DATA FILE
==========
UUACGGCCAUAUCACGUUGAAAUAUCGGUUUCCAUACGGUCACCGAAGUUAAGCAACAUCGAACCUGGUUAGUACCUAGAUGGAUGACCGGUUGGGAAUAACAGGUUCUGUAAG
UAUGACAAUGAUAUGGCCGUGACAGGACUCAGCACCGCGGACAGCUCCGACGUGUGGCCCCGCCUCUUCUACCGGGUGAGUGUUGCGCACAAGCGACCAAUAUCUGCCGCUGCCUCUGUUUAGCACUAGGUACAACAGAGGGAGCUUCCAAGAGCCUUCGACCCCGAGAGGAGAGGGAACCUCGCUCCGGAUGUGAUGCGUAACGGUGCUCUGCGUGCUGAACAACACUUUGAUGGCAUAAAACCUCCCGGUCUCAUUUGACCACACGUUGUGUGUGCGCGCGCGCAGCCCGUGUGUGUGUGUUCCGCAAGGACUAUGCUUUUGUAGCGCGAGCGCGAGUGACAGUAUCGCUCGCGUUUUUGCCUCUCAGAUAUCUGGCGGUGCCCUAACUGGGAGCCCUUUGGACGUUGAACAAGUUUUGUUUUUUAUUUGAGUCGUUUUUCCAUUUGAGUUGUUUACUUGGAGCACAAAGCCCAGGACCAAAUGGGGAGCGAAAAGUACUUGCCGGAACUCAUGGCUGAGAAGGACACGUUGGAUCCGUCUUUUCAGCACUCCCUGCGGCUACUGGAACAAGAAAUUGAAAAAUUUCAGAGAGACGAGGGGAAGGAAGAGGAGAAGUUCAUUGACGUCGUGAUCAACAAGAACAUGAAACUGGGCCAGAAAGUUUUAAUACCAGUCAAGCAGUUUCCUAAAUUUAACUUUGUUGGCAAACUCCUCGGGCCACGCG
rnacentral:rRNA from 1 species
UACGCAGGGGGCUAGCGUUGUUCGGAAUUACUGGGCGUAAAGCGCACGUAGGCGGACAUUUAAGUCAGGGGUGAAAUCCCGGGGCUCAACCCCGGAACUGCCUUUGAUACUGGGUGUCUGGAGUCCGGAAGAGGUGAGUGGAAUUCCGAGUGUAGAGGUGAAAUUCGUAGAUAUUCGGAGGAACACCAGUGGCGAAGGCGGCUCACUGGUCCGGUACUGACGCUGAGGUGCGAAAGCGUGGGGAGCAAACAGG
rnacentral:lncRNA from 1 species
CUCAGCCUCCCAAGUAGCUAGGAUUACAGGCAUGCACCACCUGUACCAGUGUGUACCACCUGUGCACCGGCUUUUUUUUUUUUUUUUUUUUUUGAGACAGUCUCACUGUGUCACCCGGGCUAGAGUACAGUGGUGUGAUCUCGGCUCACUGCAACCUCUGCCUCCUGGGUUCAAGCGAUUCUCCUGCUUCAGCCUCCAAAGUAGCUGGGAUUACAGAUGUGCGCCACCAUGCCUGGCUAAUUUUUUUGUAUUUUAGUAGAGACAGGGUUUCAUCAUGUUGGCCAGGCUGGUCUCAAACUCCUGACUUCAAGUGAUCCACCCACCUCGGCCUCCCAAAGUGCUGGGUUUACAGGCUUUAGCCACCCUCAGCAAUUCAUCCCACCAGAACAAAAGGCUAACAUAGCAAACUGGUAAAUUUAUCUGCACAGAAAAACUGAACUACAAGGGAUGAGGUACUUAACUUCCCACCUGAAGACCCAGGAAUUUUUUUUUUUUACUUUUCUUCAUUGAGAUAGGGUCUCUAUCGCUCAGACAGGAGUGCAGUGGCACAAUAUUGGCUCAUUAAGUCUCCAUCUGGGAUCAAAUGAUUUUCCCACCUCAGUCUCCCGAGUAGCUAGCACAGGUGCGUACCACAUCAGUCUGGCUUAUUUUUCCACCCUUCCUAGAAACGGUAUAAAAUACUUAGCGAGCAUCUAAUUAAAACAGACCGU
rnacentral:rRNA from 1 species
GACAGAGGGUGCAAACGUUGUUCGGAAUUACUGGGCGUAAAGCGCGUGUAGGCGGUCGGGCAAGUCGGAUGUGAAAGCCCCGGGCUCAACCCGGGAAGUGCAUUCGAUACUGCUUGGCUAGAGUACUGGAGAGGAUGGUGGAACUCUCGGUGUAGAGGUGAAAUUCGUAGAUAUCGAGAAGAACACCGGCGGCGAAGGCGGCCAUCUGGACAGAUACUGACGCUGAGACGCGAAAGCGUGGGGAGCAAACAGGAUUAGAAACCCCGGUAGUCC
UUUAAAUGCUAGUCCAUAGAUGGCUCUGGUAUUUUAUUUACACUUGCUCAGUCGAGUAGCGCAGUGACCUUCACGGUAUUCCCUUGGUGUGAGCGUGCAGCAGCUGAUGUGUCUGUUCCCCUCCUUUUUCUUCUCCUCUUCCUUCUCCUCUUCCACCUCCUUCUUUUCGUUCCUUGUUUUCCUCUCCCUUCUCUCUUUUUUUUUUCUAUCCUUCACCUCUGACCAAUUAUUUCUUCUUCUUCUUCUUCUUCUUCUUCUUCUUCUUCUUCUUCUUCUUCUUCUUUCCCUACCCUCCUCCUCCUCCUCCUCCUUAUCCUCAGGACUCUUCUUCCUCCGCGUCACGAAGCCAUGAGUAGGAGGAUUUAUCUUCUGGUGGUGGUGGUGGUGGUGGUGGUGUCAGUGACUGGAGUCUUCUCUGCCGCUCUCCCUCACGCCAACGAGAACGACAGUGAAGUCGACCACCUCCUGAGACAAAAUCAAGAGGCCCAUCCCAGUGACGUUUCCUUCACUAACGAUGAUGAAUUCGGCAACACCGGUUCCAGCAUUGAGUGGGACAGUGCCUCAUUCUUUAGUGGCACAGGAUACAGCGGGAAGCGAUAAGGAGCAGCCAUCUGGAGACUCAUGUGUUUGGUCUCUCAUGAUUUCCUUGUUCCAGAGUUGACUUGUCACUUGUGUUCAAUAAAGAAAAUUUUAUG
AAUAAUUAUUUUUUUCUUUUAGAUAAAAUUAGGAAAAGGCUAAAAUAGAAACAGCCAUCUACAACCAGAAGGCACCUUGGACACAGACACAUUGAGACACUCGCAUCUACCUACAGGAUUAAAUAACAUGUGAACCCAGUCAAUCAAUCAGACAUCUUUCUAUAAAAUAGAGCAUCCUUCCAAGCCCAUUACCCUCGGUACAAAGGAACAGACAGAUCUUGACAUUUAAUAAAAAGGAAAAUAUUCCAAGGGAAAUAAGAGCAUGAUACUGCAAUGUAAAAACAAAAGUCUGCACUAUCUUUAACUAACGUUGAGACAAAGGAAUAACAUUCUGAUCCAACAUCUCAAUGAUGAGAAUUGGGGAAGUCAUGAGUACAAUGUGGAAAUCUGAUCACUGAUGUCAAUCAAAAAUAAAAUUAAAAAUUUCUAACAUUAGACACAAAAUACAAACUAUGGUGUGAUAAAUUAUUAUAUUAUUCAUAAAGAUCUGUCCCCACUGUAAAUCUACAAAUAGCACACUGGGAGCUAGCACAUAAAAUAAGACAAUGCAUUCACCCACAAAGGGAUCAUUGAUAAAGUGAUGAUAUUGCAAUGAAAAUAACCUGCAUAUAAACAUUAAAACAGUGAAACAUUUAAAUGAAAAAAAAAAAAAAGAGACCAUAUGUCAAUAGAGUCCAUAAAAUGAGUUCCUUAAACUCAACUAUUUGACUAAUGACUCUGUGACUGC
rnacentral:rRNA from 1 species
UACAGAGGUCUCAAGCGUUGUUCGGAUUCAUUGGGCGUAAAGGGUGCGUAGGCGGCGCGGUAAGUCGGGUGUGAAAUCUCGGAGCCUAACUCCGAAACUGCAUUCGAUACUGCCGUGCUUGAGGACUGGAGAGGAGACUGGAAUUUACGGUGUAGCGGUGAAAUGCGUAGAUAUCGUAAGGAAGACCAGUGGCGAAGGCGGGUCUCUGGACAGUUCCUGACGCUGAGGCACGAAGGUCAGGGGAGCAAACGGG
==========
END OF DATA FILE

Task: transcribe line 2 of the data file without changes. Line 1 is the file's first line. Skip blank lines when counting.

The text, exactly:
UAUGACAAUGAUAUGGCCGUGACAGGACUCAGCACCGCGGACAGCUCCGACGUGUGGCCCCGCCUCUUCUACCGGGUGAGUGUUGCGCACAAGCGACCAAUAUCUGCCGCUGCCUCUGUUUAGCACUAGGUACAACAGAGGGAGCUUCCAAGAGCCUUCGACCCCGAGAGGAGAGGGAACCUCGCUCCGGAUGUGAUGCGUAACGGUGCUCUGCGUGCUGAACAACACUUUGAUGGCAUAAAACCUCCCGGUCUCAUUUGACCACACGUUGUGUGUGCGCGCGCGCAGCCCGUGUGUGUGUGUUCCGCAAGGACUAUGCUUUUGUAGCGCGAGCGCGAGUGACAGUAUCGCUCGCGUUUUUGCCUCUCAGAUAUCUGGCGGUGCCCUAACUGGGAGCCCUUUGGACGUUGAACAAGUUUUGUUUUUUAUUUGAGUCGUUUUUCCAUUUGAGUUGUUUACUUGGAGCACAAAGCCCAGGACCAAAUGGGGAGCGAAAAGUACUUGCCGGAACUCAUGGCUGAGAAGGACACGUUGGAUCCGUCUUUUCAGCACUCCCUGCGGCUACUGGAACAAGAAAUUGAAAAAUUUCAGAGAGACGAGGGGAAGGAAGAGGAGAAGUUCAUUGACGUCGUGAUCAACAAGAACAUGAAACUGGGCCAGAAAGUUUUAAUACCAGUCAAGCAGUUUCCUAAAUUUAACUUUGUUGGCAAACUCCUCGGGCCACGCG